And that is the peril of historical verisimilitude: the developers of Expeditions: Rome put tremendous effort into making sure the game would look accurate, but not into making sure the game would be accurate. As a result, they crafted a game weighed down rather than elevated by its historical subject matter, more likely to mislead and deceive than to inform.

So the hypothesis also requires, by necessity, a concerted cover-up by a variety of entities with no particular incentive to collaborate and for reasons which would have a lot more to do with C20-21 race relations than anything the supposed cover-uppers would have recognised. Which is getting deep into conspiracy theory territory.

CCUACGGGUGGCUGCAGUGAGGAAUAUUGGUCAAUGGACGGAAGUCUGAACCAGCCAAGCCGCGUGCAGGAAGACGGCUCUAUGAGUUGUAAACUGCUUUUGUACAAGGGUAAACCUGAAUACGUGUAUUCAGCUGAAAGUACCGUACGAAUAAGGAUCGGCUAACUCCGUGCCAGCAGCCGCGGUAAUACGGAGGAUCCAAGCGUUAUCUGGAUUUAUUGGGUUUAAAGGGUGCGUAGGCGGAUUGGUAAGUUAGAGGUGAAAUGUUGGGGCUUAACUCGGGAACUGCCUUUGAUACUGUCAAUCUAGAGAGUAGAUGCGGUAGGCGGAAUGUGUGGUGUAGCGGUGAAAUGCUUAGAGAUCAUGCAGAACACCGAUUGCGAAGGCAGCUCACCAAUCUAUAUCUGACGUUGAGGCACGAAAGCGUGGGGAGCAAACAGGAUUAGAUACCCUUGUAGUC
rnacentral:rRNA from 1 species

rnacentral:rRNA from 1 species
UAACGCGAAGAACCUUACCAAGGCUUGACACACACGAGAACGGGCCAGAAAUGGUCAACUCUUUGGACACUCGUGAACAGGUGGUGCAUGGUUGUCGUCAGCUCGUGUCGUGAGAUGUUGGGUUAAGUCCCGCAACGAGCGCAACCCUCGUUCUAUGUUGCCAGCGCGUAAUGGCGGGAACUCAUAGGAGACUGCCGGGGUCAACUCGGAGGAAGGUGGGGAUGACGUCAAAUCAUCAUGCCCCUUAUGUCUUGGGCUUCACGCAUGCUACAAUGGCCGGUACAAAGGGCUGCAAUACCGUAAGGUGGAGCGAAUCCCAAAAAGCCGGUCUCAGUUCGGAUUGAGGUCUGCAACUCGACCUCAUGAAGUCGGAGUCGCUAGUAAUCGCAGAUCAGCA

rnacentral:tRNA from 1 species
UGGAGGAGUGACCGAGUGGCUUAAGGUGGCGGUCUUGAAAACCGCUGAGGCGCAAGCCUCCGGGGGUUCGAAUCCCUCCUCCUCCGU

Have a look at the Europa Barbarorum II mod for Medieval 2: Total War. It attempts to depict the period of 272bc until 14AD as accurately as possible. It has very extensive building and unit descriptions with a lot of history in them. There are tons of historically researched units. For example: the thureoporoi are indeed rampant troughout the Hellenic world. It is fun to play. I am curious what Bret thinks about this game.

So while you get historically looking costumes and names for units, the actual operations and campaigning in EB2, as well as the tactics and cut and thrust of commanding armies in battle, is enormously different from historical reality.

Indeed, it is not faithful in the mechanics as these are inherited from the total war engine. But the unit and building descriptions are enormously extensive and fun to read. Also how the units look is historically researched. It makes it very interesting to play.